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EMBO Workshop: Green viruses, from gene to landscape, Hyères-les-Palmiers, France 7th – 11th September 2013.
The Green viruses EMBO workshop was held in the South of France in September and brought together around 120 plant and ecological virologists from around the world. The organisers, Isabelle Jupin and Stéphane Blanc, put together an excellent programme of varied oral presentations and stimulating poster sessions. The size of the workshop allowed for much mingling and discussion on the latest advances in plant virus research, from cell biology and host resistance to viruses through to virus evolution and biodiversity.
As my current research focuses on using Barley stripe mosaic virus as a vector for virus-induced gene silencing in cereals to study host defence against fungal pathogens, I was a little apprehensive that my poster on studying plant-fungal interactions would stick out like an alien thumb. However, I found myself in various conversations discussing how infection of plants with multiple pathogens (viral, bacterial and fungal) could affect the host defence response, and also how virus-induced gene silencing could be improved in both cereal and dicot host species. I was particularly interested to see that many researchers are now using virus-induced gene silencing to study or identify the role of host proteins in plant-virus interactions.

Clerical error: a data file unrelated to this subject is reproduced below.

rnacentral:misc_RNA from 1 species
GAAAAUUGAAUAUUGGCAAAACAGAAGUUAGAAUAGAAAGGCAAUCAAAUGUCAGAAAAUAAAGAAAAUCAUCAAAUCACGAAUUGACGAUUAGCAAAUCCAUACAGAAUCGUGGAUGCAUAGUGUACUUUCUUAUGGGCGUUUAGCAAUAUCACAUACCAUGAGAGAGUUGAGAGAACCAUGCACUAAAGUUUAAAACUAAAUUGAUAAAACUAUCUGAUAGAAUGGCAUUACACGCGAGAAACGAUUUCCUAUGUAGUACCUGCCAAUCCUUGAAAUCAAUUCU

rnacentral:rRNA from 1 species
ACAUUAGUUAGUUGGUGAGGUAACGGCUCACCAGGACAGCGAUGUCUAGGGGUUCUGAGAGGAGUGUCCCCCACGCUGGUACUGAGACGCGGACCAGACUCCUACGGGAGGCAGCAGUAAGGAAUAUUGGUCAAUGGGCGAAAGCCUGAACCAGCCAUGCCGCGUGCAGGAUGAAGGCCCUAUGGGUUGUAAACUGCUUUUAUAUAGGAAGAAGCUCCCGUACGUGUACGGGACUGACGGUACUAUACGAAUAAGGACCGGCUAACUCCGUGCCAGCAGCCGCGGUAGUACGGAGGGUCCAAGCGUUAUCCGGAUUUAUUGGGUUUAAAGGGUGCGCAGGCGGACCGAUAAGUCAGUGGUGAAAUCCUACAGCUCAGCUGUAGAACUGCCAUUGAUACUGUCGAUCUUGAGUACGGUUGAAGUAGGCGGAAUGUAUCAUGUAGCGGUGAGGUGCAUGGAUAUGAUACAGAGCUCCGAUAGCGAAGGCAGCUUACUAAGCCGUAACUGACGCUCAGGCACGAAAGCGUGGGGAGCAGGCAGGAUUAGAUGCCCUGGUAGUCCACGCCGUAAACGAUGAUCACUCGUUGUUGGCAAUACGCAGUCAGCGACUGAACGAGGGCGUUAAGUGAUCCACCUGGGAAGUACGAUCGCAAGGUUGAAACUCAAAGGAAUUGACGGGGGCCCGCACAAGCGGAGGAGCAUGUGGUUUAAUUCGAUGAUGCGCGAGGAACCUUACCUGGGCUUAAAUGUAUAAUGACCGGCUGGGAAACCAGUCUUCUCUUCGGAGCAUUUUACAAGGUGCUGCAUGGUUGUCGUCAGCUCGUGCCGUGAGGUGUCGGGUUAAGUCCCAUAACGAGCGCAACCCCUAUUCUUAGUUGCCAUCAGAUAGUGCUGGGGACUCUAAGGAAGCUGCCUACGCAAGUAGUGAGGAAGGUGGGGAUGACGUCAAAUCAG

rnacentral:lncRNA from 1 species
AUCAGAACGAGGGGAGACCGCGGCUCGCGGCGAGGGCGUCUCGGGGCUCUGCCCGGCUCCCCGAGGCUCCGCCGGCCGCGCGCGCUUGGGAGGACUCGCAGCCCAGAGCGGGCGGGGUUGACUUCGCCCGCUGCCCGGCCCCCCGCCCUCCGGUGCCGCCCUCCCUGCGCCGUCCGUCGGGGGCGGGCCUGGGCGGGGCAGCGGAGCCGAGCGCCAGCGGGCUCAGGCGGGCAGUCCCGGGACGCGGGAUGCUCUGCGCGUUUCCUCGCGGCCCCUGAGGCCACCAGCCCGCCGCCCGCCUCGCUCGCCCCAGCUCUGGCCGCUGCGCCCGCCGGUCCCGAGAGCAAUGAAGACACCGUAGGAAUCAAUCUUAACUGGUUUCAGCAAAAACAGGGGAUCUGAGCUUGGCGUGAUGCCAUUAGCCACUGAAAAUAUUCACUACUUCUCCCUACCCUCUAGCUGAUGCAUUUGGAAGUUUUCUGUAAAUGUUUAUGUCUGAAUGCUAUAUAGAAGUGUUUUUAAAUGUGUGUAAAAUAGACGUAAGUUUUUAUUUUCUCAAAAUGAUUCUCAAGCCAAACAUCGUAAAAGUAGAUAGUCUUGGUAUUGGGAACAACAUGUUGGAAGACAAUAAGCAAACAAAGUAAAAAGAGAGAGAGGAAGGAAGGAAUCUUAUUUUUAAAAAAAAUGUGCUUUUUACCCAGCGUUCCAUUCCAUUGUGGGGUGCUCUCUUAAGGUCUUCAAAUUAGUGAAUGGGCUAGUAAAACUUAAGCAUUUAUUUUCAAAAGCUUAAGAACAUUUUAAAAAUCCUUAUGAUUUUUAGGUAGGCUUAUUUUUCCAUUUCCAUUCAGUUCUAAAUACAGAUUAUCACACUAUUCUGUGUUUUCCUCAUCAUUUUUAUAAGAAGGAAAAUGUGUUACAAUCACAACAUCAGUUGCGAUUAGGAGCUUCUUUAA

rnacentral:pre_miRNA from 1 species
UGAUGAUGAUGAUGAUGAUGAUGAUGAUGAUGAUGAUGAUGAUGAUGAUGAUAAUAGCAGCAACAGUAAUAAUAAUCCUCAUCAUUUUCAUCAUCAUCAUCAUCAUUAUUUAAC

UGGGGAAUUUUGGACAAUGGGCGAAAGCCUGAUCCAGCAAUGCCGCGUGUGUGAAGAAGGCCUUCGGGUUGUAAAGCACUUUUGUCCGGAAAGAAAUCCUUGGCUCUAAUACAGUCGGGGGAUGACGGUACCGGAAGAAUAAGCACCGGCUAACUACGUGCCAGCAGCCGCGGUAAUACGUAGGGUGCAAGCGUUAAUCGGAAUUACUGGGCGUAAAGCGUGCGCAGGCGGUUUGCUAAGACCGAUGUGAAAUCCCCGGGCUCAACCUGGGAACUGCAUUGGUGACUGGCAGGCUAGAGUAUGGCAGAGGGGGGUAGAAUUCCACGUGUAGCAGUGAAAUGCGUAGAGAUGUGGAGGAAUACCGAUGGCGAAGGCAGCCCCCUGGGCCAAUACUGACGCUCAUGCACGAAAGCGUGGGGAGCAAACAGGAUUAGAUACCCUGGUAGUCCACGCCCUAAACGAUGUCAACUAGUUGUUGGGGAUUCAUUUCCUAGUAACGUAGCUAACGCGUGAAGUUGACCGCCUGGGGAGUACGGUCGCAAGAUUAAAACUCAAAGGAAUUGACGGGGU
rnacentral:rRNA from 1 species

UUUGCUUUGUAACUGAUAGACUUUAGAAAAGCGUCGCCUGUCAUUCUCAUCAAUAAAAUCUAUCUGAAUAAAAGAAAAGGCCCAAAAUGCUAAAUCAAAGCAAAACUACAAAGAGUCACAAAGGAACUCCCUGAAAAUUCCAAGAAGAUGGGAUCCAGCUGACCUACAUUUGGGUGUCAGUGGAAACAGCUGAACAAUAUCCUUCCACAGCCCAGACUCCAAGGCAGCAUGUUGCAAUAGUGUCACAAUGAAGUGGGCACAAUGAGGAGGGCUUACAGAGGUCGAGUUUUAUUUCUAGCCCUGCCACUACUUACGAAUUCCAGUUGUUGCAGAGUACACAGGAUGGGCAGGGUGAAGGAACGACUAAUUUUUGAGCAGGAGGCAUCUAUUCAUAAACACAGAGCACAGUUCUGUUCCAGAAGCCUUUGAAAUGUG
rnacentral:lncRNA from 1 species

As indicated above, the presentations covered a wide range of topics within the study of plant virology. However one of the recurring underlying threads throughout the first two days of the conference was how viruses (or indeed plant pathogens more generally) have evolved amazingly diverse yet ingenious ways of infecting plants by exploiting, hijacking or otherwise subverting host processes. Paul Ahlquist (University of Wisconsin, USA) and Paul Nagy (University of Kentucky, USA) described how they were independently utilising yeast host models to identify host proteins hijacked by viruses for the formation of viral replication complexes.
Joel Milner’s (University of Glasgow, UK) data on the functionally diverse Cauliflower mosaic virus P6 protein was an example of the extreme versatility of viruses, packing roles in virus replication, transmission, movement and suppression of host defences in just one protein.
I was also intrigued to learn more about the area of virus meta-genomics, particularly as I had not been aware of how much progress had been made in this area of research in recent years. In the last session of the conference, entitled ‘Molecular ecology’, some of the latest advances in studying virus biodiversity and their potential effect on their surrounding environment were presented.
Marilyn Roossinck (Penn State University, USA) presented work on persistent plant viruses and suggested that they could have been transferred between plants and fungi. This prompts me to wonder whether plant-infecting viruses could also be transmitted between plant hosts via fungal intermediates, such as mycorrhizal fungal networks. Arvind Varsani (University of Canterbury, New Zealand) presented a ‘top-down’ approach towards characterisation of single- stranded DNA viruses in ecosystems, which involved sampling of insect predators to identify novel viruses, including a number of plant-infecting DNA viruses. I felt that the presentations on virus evolution and their role in ecological systems ensured that the delegates pondered the wider interaction between plant viruses, their hosts and other plant-interacting organisms on their onwards journeys after this stimulating conference.
The organisers did an excellent job in putting together a great programme. I enjoyed it very much and would like to thank BSPP for financially supporting my attendance at this workshop. .
Wing Sham Lee Rothamsted Research.